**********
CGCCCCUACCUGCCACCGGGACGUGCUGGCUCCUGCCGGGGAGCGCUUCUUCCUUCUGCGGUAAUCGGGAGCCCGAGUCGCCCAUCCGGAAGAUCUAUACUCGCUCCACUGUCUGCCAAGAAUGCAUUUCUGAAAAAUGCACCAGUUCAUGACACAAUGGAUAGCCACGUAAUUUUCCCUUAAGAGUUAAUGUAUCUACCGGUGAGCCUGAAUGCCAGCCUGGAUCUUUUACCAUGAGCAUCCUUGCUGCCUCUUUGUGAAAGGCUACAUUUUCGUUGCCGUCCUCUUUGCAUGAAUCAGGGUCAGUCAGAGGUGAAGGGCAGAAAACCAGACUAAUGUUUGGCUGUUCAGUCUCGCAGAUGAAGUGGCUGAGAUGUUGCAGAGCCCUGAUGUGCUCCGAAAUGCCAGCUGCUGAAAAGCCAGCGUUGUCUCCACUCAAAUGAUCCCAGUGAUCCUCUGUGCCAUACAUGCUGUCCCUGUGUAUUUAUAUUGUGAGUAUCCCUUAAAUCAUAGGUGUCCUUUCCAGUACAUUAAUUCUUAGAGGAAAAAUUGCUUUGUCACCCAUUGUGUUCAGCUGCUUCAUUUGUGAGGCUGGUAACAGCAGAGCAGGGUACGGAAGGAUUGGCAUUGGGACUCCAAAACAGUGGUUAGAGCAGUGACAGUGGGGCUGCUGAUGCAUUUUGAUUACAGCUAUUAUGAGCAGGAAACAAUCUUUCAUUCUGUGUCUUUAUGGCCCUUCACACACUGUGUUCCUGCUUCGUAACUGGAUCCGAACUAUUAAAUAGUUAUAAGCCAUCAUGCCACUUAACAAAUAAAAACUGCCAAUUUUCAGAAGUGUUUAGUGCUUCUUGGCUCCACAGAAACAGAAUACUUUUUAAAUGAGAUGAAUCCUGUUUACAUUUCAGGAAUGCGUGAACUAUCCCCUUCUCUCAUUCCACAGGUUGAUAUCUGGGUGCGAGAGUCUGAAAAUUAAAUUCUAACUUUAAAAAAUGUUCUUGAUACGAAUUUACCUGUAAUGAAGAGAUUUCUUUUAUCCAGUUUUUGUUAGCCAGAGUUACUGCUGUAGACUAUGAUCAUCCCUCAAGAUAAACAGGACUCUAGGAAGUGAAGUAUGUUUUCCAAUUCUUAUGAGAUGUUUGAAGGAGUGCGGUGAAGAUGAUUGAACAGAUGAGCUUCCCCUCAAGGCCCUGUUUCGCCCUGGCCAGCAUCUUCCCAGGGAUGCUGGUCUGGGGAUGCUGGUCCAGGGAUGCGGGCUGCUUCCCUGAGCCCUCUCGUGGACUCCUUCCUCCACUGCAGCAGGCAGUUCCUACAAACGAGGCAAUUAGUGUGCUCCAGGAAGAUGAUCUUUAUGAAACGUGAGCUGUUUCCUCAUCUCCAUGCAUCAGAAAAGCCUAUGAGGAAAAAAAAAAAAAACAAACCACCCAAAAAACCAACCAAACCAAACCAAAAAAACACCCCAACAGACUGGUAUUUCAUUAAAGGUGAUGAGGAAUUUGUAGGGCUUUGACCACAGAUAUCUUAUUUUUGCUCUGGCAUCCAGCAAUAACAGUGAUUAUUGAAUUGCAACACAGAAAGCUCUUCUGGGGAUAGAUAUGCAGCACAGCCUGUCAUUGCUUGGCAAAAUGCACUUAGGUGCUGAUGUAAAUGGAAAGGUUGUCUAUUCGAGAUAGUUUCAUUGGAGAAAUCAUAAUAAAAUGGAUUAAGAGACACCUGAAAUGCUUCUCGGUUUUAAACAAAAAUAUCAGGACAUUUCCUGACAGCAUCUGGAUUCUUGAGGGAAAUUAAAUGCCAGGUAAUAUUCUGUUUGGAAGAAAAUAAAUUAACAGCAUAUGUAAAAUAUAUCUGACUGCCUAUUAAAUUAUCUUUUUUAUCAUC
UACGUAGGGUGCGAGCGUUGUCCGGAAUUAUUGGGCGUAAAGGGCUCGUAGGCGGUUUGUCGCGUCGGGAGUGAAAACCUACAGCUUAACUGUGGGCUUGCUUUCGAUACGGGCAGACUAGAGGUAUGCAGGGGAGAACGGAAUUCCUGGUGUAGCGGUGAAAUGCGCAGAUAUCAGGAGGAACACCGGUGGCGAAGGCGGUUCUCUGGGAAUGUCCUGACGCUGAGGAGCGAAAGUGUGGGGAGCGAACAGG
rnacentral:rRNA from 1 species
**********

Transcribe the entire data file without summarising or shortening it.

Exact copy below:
CGCCCCUACCUGCCACCGGGACGUGCUGGCUCCUGCCGGGGAGCGCUUCUUCCUUCUGCGGUAAUCGGGAGCCCGAGUCGCCCAUCCGGAAGAUCUAUACUCGCUCCACUGUCUGCCAAGAAUGCAUUUCUGAAAAAUGCACCAGUUCAUGACACAAUGGAUAGCCACGUAAUUUUCCCUUAAGAGUUAAUGUAUCUACCGGUGAGCCUGAAUGCCAGCCUGGAUCUUUUACCAUGAGCAUCCUUGCUGCCUCUUUGUGAAAGGCUACAUUUUCGUUGCCGUCCUCUUUGCAUGAAUCAGGGUCAGUCAGAGGUGAAGGGCAGAAAACCAGACUAAUGUUUGGCUGUUCAGUCUCGCAGAUGAAGUGGCUGAGAUGUUGCAGAGCCCUGAUGUGCUCCGAAAUGCCAGCUGCUGAAAAGCCAGCGUUGUCUCCACUCAAAUGAUCCCAGUGAUCCUCUGUGCCAUACAUGCUGUCCCUGUGUAUUUAUAUUGUGAGUAUCCCUUAAAUCAUAGGUGUCCUUUCCAGUACAUUAAUUCUUAGAGGAAAAAUUGCUUUGUCACCCAUUGUGUUCAGCUGCUUCAUUUGUGAGGCUGGUAACAGCAGAGCAGGGUACGGAAGGAUUGGCAUUGGGACUCCAAAACAGUGGUUAGAGCAGUGACAGUGGGGCUGCUGAUGCAUUUUGAUUACAGCUAUUAUGAGCAGGAAACAAUCUUUCAUUCUGUGUCUUUAUGGCCCUUCACACACUGUGUUCCUGCUUCGUAACUGGAUCCGAACUAUUAAAUAGUUAUAAGCCAUCAUGCCACUUAACAAAUAAAAACUGCCAAUUUUCAGAAGUGUUUAGUGCUUCUUGGCUCCACAGAAACAGAAUACUUUUUAAAUGAGAUGAAUCCUGUUUACAUUUCAGGAAUGCGUGAACUAUCCCCUUCUCUCAUUCCACAGGUUGAUAUCUGGGUGCGAGAGUCUGAAAAUUAAAUUCUAACUUUAAAAAAUGUUCUUGAUACGAAUUUACCUGUAAUGAAGAGAUUUCUUUUAUCCAGUUUUUGUUAGCCAGAGUUACUGCUGUAGACUAUGAUCAUCCCUCAAGAUAAACAGGACUCUAGGAAGUGAAGUAUGUUUUCCAAUUCUUAUGAGAUGUUUGAAGGAGUGCGGUGAAGAUGAUUGAACAGAUGAGCUUCCCCUCAAGGCCCUGUUUCGCCCUGGCCAGCAUCUUCCCAGGGAUGCUGGUCUGGGGAUGCUGGUCCAGGGAUGCGGGCUGCUUCCCUGAGCCCUCUCGUGGACUCCUUCCUCCACUGCAGCAGGCAGUUCCUACAAACGAGGCAAUUAGUGUGCUCCAGGAAGAUGAUCUUUAUGAAACGUGAGCUGUUUCCUCAUCUCCAUGCAUCAGAAAAGCCUAUGAGGAAAAAAAAAAAAAACAAACCACCCAAAAAACCAACCAAACCAAACCAAAAAAACACCCCAACAGACUGGUAUUUCAUUAAAGGUGAUGAGGAAUUUGUAGGGCUUUGACCACAGAUAUCUUAUUUUUGCUCUGGCAUCCAGCAAUAACAGUGAUUAUUGAAUUGCAACACAGAAAGCUCUUCUGGGGAUAGAUAUGCAGCACAGCCUGUCAUUGCUUGGCAAAAUGCACUUAGGUGCUGAUGUAAAUGGAAAGGUUGUCUAUUCGAGAUAGUUUCAUUGGAGAAAUCAUAAUAAAAUGGAUUAAGAGACACCUGAAAUGCUUCUCGGUUUUAAACAAAAAUAUCAGGACAUUUCCUGACAGCAUCUGGAUUCUUGAGGGAAAUUAAAUGCCAGGUAAUAUUCUGUUUGGAAGAAAAUAAAUUAACAGCAUAUGUAAAAUAUAUCUGACUGCCUAUUAAAUUAUCUUUUUUAUCAUC
UACGUAGGGUGCGAGCGUUGUCCGGAAUUAUUGGGCGUAAAGGGCUCGUAGGCGGUUUGUCGCGUCGGGAGUGAAAACCUACAGCUUAACUGUGGGCUUGCUUUCGAUACGGGCAGACUAGAGGUAUGCAGGGGAGAACGGAAUUCCUGGUGUAGCGGUGAAAUGCGCAGAUAUCAGGAGGAACACCGGUGGCGAAGGCGGUUCUCUGGGAAUGUCCUGACGCUGAGGAGCGAAAGUGUGGGGAGCGAACAGG
rnacentral:rRNA from 1 species